The dynamics of shop steward organisation, activity and consciousness : the experience of three Merseyside manufacturing plants between the late 1960s and early 1990s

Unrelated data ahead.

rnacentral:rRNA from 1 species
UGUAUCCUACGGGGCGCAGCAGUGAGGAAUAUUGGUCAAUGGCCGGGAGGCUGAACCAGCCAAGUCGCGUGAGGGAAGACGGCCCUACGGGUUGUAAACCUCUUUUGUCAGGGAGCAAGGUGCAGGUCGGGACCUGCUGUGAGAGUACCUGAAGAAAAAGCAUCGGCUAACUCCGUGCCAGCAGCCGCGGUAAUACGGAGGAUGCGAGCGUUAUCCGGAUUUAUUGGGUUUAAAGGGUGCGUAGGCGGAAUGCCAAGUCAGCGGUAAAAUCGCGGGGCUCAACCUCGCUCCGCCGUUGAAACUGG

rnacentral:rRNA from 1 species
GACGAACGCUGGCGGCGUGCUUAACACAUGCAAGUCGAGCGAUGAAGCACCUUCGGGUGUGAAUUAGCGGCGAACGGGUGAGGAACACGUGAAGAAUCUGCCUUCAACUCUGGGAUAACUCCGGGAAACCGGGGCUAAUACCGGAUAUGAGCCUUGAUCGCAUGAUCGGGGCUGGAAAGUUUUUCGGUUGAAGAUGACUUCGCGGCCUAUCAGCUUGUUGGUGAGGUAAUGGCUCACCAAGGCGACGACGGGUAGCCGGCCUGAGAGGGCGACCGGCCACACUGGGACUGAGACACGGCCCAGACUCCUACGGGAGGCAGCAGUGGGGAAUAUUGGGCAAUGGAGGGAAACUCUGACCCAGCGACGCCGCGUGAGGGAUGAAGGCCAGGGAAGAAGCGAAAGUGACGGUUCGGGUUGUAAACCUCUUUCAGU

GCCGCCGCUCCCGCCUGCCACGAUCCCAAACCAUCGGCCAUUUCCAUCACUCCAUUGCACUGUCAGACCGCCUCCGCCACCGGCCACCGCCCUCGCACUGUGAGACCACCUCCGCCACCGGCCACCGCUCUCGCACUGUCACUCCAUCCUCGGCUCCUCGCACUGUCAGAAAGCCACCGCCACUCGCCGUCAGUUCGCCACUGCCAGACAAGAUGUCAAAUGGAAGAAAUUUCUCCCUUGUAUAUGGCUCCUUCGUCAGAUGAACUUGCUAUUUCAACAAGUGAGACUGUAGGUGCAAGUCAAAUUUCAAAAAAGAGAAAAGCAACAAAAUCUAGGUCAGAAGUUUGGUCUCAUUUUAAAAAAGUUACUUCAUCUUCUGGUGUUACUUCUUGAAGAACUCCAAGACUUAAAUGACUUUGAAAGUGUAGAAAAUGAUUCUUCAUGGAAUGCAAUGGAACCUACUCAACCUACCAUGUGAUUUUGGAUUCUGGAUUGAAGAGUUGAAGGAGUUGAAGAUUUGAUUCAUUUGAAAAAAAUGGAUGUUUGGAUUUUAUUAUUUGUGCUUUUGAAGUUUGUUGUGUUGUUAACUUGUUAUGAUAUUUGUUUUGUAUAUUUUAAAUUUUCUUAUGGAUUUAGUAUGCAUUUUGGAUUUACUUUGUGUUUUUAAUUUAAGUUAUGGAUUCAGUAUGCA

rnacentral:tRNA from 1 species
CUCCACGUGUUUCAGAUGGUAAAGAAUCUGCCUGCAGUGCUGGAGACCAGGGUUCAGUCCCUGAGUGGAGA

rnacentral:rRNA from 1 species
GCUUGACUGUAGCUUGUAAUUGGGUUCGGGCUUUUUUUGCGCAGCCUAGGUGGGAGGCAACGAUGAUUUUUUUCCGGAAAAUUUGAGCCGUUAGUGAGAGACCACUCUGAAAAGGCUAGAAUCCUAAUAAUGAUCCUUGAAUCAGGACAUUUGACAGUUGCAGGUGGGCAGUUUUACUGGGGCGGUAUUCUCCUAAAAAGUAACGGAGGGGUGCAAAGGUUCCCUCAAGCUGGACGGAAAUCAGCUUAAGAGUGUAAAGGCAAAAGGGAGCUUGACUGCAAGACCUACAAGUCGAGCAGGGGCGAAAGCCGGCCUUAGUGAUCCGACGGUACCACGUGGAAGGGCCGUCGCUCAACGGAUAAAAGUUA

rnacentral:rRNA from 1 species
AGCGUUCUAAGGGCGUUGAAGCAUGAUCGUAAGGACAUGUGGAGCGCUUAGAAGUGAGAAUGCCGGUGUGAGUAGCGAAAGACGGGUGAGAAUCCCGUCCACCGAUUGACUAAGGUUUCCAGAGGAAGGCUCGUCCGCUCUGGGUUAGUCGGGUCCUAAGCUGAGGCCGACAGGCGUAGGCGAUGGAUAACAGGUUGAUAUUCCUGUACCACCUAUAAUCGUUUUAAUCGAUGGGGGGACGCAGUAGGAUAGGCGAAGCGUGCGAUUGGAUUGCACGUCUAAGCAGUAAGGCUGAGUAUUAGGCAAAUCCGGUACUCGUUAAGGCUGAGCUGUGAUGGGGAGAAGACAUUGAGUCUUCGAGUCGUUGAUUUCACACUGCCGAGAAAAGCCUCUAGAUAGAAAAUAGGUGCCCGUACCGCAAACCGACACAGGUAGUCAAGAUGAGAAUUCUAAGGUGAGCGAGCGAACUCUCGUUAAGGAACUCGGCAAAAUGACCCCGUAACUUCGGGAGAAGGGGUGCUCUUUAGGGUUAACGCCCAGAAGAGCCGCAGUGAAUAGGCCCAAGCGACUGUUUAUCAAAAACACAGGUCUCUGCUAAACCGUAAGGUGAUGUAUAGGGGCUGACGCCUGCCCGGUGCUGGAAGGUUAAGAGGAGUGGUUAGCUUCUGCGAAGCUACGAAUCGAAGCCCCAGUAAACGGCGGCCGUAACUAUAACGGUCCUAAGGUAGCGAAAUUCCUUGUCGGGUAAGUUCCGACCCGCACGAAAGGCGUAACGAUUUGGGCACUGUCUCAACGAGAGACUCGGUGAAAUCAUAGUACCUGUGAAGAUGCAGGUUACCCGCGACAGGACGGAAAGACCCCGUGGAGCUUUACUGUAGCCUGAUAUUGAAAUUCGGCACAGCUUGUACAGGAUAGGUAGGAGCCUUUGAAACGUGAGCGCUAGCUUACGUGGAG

Enpirical case study analysis of shop steward organisation within three specific manufacturing plants in Merseyside has been conducted with the aim of contributing to an understanding of the dynamics of steward organisation, activity and consciousness within British manufacturing industry more generally. This involves not merely a snap-shot of contemporary developments but an historical overview of the past 20 years that will be of relevance to an understanding of potential future trends. Methods of data collection include extensive interviews - with shop stewards, union members, managers and full-time union officials - analysis of documentary evidence and personal observation. The research is informed by a Marxist analytical framework, namely that there is a contradiction in the nature of workplace trade unionism - between conflict and acconinodation in stewards' relationship to management, between democracy and bureaucracy in stewards' relationship to rank and file members and between independence and dependence in stewards' relationship to full-time union officials. Because the balance struck between these interrelated and overlapping tendencies varies, depending on the level of workers' confidence, activity and militancy vis-a-vis management, an evaluation is made of the different 'micro-level' factors which affect the balance of bargaining power in each workplace and of the way these are located within the much broader 'macrolevel' social, economic and political context of the changing balance of class forces in society, with a contrast being drawn between the broad upturn in workers' struggles during the 1970s and the downturn of the 1980g . A central concern is a critique of Eric Batstone's 'strong bargaining relations' model of pragmatic shop steward organisation, which, as the case studies illustrate, merely serves to reinforce the limitations and compromises of workplace trade unionism within capitalist society. The distinctive potential role of revolutionary socialist organisatlon and leadership is posed as a vital missing element.